“This survey rose out of the recognition that the fishing industry needs a lot of advancements in the technology department,” said Leigh Habegger, SHA executive director.
“A lot of times we see vessels using technology that’s 10 to 15 years old and they haven’t really caught up with all the advances. Another part of this is that it’s not always clear how technology can be applied to fishing vessels as they are very unique platforms,”
“There’s so much automation going on in terms of sensors that are uploading automatically to the cloud, and data centers in general are getting a lot more sophisticated and better able to predict where fish are to reduce bycatch, fish more efficiently and treat our product better. These are all things that are very possible with the current technology that’s out there,” agreed Edward Poulson, SHA vice-president and a spokesman for Alaska Bering Sea Crabbers.
“But being in the fishing industry, we’re pretty conservative. We know what works and we’re not super excited about trying things that we don’t know. That kind of keeps us more firmly footed in the 20th century instead of the 21st century.”
“A lot of the technology innovations in terms of deck machinery, sorting tables, launchers, coiling machines, those are all things that were developed in the ’70s and we’re still using that stuff,” Poulson added.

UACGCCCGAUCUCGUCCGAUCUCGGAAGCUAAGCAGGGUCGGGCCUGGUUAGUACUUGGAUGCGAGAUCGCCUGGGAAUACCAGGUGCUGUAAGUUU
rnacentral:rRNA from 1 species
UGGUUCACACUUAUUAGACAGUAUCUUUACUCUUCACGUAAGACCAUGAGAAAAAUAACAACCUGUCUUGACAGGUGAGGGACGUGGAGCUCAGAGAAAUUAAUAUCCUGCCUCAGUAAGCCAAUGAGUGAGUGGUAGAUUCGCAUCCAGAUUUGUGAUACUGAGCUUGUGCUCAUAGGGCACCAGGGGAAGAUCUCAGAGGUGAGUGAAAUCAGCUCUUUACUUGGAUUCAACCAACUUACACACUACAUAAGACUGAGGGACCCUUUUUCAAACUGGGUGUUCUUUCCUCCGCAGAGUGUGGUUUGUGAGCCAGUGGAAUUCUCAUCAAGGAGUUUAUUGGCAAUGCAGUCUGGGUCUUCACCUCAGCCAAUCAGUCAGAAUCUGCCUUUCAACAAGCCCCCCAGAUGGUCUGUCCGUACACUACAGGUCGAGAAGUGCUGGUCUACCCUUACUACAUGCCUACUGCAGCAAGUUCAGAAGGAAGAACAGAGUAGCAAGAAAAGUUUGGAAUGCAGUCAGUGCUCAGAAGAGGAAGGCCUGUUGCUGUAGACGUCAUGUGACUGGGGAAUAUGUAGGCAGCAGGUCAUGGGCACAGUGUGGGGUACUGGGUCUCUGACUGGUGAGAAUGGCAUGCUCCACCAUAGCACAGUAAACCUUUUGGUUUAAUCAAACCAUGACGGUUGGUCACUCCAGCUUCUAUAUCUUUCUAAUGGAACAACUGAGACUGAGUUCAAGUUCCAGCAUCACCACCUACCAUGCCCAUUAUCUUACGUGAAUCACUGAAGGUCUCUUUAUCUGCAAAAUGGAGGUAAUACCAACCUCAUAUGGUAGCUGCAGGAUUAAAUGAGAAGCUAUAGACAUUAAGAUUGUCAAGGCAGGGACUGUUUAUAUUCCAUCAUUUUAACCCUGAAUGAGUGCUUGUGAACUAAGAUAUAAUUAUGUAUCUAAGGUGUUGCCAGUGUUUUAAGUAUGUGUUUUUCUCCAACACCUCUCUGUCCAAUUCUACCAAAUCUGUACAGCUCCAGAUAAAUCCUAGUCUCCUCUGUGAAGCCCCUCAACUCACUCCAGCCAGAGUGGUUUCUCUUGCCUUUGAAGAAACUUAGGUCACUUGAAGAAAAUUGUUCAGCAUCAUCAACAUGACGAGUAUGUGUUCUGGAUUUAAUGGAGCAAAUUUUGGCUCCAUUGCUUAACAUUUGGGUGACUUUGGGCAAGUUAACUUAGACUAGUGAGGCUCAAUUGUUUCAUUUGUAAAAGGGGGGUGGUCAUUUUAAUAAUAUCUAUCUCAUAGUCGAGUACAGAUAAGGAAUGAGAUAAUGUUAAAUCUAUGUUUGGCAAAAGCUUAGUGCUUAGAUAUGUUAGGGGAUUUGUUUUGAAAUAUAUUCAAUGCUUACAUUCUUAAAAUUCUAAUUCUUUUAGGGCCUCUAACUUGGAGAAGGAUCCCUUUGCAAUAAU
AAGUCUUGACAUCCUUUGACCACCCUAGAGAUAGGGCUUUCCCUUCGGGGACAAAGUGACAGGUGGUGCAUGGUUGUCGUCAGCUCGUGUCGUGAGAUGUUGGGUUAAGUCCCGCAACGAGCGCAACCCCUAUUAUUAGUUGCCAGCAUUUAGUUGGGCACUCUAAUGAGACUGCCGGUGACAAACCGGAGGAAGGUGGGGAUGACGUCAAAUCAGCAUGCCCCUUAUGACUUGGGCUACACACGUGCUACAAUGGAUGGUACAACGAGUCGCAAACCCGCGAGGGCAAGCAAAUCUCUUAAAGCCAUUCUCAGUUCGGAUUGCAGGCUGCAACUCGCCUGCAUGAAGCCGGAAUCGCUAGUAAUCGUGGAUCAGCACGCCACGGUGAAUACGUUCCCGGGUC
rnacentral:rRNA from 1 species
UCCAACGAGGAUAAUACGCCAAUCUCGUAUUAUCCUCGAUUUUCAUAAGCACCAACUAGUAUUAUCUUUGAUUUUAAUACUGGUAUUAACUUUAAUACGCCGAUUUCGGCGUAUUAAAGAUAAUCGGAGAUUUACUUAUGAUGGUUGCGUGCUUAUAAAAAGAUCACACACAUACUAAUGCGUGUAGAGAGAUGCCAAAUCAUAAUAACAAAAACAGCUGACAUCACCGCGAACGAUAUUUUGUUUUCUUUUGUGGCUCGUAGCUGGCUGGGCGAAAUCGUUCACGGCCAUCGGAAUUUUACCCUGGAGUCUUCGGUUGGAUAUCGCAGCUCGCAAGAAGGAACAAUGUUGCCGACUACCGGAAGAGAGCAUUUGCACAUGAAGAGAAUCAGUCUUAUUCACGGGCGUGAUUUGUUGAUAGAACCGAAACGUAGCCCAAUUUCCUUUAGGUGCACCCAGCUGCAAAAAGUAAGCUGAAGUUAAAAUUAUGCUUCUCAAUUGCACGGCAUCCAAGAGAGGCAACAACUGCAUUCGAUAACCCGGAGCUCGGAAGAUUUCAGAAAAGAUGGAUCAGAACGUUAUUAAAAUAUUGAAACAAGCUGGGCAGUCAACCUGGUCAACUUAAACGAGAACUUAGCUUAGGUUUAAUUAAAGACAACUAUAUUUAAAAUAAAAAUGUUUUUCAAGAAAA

“There’s been very little in terms of change but I think there are a lot more opportunities.
Broadly scaling tech advances also is a big challenge to make them cost effective for developers, Poulson said, and something designed for a specific problem or region can mean the user group is too small.
“If a tech company is designing something that is only going to be used for something difficult to build like an automated pot hauler, that’s super expensive and really hard to scale. You’re not going to have the market opportunity to amortize that over a lot of boats to build a big profit potential for a technology company,” he explained.
“However, if you can show that there’s a lot of other fishing vessels in the U.S. that have some similar sort of a need, then all of a sudden technology companies have a lot larger interest.”
“We have fishing groups as members all over the country so we can start to identify patterns,” Habegger added.
“Maybe folks who are using fixed gear pots in New England might have some similarities with the Dungeness crab fishery on the west coast. And there may be a solution to address whale entanglements across both of these fisheries versus trying to do this piecemeal.”